I need that sequel, goddammit: Eastern Promises (David Cronenberg, 2007)

easternpromises

David Cronenberg planned to make a sequel to Eastern Promises, but Focus Films vetoed it abruptly. I read an article about this and got spoiled for the original film in the process. Funnily enough, that was the impetus for my decision to watch it (the words ‘Viggo Mortensen naked knife fight’ somehow lacked that special allure), and now I’m angry that the sequel isn’t happening.

Knowing the big twists in EP wasn’t too much of a setback. Sure, not knowing would have kept Nikolai (Mortensen) more mysterious. However, he’s left mysterious at the end of the film, and understanding him requires reading between the lines and using guesswork. The film is also casual about its reveals; the twists don’t particularly shock.

Mortensen is perhaps a limited actor who nonetheless has a certain je ne sais quoi. He’s highly enjoyable in EP and it’s entirely a credit to him and the lingering ambiguity of his character that I would want to see him play Nikolai again. He can give an empty soul-ed stare as well as he can give asymmetrical blinks and false smiles. He’s a powerful physical presence whether wearing suits and sunglasses or nothing but tattoos.

Let’s talk about that knife fight. It’s the premier physical confrontation in the film, and a good deal of its intensity comes from the fact that Nikolai is naked. There’s no wussy Hollywood hide-Mr-Willy-at-all-costs camera positioning, and it’s not so shaky that you can’t see what’s happening. It’s two guys who are fully clothed trying to kill one who is not. Nikolai is vulnerable; every stab and blow that he receives is significant and his position is always desperate. The fact that his survival is hard won doesn’t make him any less dangerous.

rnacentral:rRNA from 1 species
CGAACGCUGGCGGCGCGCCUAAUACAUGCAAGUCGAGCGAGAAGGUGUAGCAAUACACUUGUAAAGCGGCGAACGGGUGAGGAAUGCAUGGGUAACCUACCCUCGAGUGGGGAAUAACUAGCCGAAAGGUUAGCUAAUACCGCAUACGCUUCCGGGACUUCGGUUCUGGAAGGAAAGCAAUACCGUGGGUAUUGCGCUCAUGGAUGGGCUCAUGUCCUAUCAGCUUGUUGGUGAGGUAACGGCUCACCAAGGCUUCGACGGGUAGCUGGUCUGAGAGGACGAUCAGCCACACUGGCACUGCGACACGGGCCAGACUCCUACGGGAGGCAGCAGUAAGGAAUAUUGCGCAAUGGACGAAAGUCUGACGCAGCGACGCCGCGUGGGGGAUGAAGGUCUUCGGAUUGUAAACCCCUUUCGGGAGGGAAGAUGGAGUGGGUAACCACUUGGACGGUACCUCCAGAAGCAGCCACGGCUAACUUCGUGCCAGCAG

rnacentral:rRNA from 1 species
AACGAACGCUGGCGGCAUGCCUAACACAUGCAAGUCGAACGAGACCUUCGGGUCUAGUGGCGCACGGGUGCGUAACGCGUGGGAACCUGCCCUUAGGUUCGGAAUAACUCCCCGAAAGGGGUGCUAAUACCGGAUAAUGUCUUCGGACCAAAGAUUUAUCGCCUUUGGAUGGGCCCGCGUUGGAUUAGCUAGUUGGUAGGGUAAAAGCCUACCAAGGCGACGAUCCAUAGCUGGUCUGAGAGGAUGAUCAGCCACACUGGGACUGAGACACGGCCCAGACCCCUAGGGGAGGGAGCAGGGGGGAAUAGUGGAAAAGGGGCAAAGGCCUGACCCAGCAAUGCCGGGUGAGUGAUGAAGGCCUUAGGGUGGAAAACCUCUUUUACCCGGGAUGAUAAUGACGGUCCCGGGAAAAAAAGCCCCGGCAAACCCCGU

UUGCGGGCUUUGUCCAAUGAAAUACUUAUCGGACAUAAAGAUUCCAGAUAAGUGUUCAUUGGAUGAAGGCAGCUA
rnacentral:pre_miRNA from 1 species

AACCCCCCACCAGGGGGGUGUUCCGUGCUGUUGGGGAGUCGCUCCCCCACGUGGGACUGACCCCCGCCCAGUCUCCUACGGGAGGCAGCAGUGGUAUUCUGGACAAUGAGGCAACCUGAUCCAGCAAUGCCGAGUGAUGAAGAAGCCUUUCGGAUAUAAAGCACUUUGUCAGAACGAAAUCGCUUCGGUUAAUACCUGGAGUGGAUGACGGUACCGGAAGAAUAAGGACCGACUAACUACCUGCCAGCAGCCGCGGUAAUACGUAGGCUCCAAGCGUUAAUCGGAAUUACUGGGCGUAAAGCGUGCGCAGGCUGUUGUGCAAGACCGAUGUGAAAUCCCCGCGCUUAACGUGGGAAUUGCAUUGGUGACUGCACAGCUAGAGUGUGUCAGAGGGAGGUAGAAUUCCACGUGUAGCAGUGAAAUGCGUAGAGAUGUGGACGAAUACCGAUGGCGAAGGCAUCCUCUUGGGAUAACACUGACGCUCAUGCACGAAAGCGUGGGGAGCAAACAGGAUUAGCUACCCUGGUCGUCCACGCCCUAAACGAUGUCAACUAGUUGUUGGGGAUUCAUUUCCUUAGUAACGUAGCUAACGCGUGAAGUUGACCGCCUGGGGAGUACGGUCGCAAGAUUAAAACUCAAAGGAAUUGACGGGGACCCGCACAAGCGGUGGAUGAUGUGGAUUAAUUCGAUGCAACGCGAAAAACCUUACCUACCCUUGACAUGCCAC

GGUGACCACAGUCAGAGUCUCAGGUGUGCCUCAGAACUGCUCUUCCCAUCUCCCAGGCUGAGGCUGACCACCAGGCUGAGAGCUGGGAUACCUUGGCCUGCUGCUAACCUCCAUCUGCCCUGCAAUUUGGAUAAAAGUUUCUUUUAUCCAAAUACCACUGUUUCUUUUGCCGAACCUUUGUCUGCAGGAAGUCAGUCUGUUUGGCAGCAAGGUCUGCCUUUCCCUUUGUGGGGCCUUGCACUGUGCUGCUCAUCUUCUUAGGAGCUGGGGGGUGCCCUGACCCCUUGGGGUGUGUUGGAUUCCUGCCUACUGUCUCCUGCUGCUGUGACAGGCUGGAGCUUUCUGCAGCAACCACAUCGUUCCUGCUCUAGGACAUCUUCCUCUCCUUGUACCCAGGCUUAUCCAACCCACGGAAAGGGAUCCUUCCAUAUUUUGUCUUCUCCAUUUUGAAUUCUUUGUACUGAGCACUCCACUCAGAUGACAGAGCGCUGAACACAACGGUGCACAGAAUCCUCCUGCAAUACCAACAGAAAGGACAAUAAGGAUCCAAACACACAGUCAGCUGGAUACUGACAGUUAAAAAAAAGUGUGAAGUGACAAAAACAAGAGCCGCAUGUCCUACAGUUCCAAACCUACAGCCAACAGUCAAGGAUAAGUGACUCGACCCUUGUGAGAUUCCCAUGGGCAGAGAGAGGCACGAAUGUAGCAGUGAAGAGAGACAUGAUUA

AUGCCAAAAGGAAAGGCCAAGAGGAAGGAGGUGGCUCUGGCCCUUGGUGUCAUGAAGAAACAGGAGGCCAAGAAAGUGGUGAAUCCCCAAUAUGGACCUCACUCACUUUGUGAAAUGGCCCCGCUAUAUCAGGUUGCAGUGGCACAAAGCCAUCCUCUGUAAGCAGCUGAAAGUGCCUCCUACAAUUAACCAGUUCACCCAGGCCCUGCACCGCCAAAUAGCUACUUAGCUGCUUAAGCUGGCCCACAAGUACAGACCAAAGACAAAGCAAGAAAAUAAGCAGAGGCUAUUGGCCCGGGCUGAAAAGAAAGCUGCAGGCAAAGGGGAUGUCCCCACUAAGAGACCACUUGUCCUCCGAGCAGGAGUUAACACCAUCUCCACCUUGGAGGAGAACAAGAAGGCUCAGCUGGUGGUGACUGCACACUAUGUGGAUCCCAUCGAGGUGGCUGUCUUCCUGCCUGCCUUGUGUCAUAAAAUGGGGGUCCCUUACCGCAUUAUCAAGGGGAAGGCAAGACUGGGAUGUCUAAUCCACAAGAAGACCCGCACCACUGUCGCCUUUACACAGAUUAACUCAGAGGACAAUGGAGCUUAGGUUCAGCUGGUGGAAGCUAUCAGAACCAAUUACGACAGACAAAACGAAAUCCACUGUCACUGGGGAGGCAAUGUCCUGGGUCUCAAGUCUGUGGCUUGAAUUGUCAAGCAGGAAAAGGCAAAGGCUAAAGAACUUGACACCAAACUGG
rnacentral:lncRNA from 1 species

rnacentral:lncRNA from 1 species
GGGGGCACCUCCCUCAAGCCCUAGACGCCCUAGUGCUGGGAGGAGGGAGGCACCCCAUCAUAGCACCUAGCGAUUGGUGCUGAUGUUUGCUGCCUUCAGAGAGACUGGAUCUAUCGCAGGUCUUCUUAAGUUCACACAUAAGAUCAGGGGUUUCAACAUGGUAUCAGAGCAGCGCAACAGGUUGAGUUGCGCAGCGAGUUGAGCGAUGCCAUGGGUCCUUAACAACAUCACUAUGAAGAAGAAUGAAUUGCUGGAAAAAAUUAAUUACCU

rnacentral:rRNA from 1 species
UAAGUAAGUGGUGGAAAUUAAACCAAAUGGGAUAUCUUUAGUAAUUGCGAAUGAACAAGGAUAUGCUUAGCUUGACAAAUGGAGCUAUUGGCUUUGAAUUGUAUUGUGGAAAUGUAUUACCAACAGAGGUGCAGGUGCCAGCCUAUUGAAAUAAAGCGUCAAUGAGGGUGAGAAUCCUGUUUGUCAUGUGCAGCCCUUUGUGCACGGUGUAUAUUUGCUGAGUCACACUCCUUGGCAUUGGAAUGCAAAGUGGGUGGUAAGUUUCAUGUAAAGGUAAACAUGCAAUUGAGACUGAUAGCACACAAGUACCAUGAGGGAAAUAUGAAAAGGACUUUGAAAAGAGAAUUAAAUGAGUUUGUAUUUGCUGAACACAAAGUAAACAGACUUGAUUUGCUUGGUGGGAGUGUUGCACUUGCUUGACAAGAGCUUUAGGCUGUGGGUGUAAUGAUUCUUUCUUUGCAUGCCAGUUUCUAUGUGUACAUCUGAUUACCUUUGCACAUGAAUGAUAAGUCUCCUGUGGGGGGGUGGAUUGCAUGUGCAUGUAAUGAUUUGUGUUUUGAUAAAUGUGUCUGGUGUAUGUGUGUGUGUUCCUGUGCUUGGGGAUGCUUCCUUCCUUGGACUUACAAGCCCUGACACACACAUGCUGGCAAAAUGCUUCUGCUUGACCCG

The scene even looks like it must have been painful to film, with Mortensen getting tossed around without padding (perhaps the floor was made softer than it appears). He seems to be doing it all himself; I think you’d have to watch the scene very closely to pick it up if he’s not. It’s such an impressively raw and brutal fight that it’s worth seeing EP for, even if you’re not that lecturer of mine who swooned over Viggo at every opportunity and was rather keen on this film.

What about the rest of EP? It’s wilfully low-key and some of its meanings are so subtle that they can arguably go either way. And some of it is just slight. Despite featuring prominently at the film’s beginning, Naomi Watts gets little to do; her character, and her family, are pushed aside surprisingly easily partway through so that Nikolai becomes the focus. Mortensen is so good here, however, that there’s little need to complain.

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